“Our hope and belief is that the Government will spare the lives of all our followers, but we do not expect that they will spare the lives of the leaders.
    We are ready to die and we shall die cheerfully and proudly,” he wrote.
    “Personally I do not hope or even desire to live, but I do hope and desire and believe that the lives of all our followers will be saved.”
    The court martial took place on May 2nd, 1916, and was presided over by Brig Gen Charles Blackader (president) assisted by Lieut Col George German and Col William John Kent.

    Pearse pleaded not guilty to the charge of staging an armed rebellion “with the intention and purpose of assisting the enemy”.
    Constable Daniel Coffey, a detective with Dublin Metropolitan Police, gave evidence that identified Pearse as a member of the Irish Volunteers.
    “I have seen him several times going through the city with bodies of men and acting as an officer,” he told the court.
    Second Lieut SL King gave evidence at several of the court martials. He had been a prisoner in the GPO during Easter Week.
    He was the only witness that Pearse cross-examined.
    Pearse asked him, “Were you a prisoner in our hands and how were you treated?” King responded: “I was and was very well treated.”
    In addition to the letter, Pearse made an address to his court-martial in which he admitted they had been negotiating with the Germans.
    “I have deemed it my duty as an Irishman to fight for the freedom of my country. I admit I have organised men to fight against Britain,”
    he told the members of the court martial. “As far as I can see, she [Germany] did her best to help us. She sent a ship with men. Germany has not sent us gold.”

    Pearse’s file includes a note from Capt HV Stanley of the Royal Army Medical Corps (RAMC), sent shortly after the first executions of Pearse,
    Thomas MacDonagh and Thomas Clarke.
    It states: “This is to certify that I was present at the execution of the prisoners enumerated below, which took place at Kilmainham Jail on morning of 3/5/1916
    and that the prisoners were dead before the commandant disposed of the bodies.”
    Pearse was executed on May 3rd, 1916. In her memoirs, Elizabeth, Countess of Fingal, recalled Blackader stating to her that he regarded Pearse as
    “one of the finest characters I have ever come across. There must be something very wrong in the state of things that makes a man like that a rebel.”

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    Padraig Pearse (1879-1916)
    Born in Dublin in 1879 on Great Brunswick Street (now Pearse Street) and educated by the Christian Brothers at Westland Row, before taking a scholarship to the Royal University (University College Dublin) to study law. In 1898 Pearse became a member of the Executive Committee of the Gaelic League. He graduated from the Royal University in 1901 with a degree in Arts and Law. He was later called to the bar.
    From his early school days he was deeply interested in Irish language and culture. He joined the Gaelic League in 1895 and became editor of its paper, An Claidheamh Soluis (‘sword of light’). He lectured in Irish at University College Dublin. To advance his ideal of a free and Gaelic Ireland he founded a bilingual school for boys, St Enda’s, at Cullenswood House, Ranelagh, in September 1908. He later moved the school to a larger location in Rathfarnham in 1910.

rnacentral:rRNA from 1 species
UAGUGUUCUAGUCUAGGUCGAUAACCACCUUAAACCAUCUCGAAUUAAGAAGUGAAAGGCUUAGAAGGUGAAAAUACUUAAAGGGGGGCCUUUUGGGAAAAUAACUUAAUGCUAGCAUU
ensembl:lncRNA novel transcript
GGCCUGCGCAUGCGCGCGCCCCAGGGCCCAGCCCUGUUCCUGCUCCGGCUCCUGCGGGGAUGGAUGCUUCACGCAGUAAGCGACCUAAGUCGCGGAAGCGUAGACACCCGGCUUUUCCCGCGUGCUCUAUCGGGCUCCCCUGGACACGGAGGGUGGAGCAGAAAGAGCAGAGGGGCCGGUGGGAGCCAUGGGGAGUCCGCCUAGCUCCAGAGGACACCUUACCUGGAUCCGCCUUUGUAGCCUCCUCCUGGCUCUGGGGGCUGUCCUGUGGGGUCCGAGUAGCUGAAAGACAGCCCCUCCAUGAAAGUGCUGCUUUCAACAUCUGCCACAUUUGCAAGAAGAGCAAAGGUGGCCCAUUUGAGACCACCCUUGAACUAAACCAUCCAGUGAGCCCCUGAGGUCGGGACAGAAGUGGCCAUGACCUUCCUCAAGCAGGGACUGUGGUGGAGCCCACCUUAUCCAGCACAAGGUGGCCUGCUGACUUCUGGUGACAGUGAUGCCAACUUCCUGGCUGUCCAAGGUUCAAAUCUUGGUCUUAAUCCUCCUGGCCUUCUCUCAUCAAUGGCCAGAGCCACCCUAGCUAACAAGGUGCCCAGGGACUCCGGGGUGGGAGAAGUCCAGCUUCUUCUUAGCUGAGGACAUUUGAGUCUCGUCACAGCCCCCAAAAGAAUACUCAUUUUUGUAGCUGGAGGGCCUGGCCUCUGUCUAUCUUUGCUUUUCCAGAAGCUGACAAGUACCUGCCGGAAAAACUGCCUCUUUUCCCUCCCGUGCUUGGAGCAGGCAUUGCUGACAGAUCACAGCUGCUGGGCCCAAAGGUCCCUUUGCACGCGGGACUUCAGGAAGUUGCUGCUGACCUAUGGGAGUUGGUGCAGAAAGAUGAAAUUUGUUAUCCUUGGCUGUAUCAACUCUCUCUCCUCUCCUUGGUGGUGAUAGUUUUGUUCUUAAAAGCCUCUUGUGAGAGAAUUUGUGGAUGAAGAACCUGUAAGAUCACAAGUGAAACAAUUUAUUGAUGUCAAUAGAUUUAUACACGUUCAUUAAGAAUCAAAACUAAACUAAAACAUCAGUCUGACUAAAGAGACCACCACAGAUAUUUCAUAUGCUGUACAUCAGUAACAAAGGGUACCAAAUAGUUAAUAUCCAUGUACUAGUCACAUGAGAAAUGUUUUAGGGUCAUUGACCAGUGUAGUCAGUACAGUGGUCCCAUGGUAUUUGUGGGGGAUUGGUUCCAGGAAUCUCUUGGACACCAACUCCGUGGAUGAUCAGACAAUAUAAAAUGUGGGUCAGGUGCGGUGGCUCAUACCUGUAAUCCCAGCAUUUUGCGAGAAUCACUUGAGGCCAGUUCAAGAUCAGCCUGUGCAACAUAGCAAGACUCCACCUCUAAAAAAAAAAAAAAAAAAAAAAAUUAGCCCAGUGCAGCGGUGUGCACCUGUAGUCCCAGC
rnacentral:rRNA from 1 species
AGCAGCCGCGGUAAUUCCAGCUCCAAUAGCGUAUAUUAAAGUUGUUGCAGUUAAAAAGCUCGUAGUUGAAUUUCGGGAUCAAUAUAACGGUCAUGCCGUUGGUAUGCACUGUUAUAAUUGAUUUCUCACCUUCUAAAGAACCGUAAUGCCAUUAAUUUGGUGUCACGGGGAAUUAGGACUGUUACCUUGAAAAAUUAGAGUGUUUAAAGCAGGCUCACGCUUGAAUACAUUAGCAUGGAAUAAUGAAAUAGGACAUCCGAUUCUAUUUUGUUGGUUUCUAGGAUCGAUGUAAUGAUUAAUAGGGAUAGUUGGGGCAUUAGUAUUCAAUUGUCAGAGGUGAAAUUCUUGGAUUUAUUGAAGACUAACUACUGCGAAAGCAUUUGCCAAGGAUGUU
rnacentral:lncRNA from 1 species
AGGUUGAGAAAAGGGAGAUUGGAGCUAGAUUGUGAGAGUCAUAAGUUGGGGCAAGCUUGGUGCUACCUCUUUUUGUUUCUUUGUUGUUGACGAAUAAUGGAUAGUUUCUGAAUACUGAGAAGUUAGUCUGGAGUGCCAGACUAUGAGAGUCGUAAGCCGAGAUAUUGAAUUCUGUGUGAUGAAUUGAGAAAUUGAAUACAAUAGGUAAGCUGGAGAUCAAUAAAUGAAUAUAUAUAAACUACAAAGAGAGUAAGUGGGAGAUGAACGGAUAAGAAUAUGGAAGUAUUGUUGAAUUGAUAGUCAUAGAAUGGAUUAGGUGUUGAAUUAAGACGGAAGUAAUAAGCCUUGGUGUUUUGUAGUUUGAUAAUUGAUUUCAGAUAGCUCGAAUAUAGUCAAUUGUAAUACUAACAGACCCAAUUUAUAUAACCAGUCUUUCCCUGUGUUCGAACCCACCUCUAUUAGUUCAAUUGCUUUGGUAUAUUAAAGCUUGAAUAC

Initially, Pearse was a supporter of Home Rule but his outlook on Irish freedom was to become more radical and when the Irish Volunteers were formed in November 1913, he was elected a member of the provisional committee and later the Director of Organisation. In July 1914, Pearse was involved in the smuggling of weapons and ammunition through Howth in Co Dublin which were stored at St Enda’s.
    Pearse’s graveside oration at O’Donovan Rossa’s funeral in 1915, ended with the much quoted words, ‘Ireland unfree shall never be at peace’, and was influential in the build up to the Easter Rising. One of the founder members of the Irish Volunteers, and the author of the Proclamation of Independence, Pearse was present in the GPO during the Rising, and was Commander in Chief of the Irish forces. After surrendering to save further civilian casualties, he was executed holding a crucifix on May 3, 1916 at Kilmainham, and was buried in quick lime at Arbour Hill.


    Thomas MacDonagh (1878-1916)
    A native of Tipperary, MacDonagh trained as a priest but like his parents became a teacher, and was on the staff at St Enda’s, the school he helped to found with Padraig Pearse. A gifted poet, writer and dramatist, in 1909 he was a founding member of the Association of Secondary Teachers of Ireland and also was active in setting up the Irish Women’s Franchise League in 1911 which promoted Irish nationalism and the cultural revival.
    He joined the Irish Volunteers in November 1913, becoming a member of the provisional committee and taking part in the Howth gun-running. MacDonagh believed Irish freedom would be achieved by what he called “zealous martyrs”, hopefully through peace but, if necessary, by war.
    Although a member of the IRB from April 1915, he was not co-opted to the Military Council until early April 1916, and so had little part in planning the Rising. He is believed, however, to have contributed to the content of the Proclamation.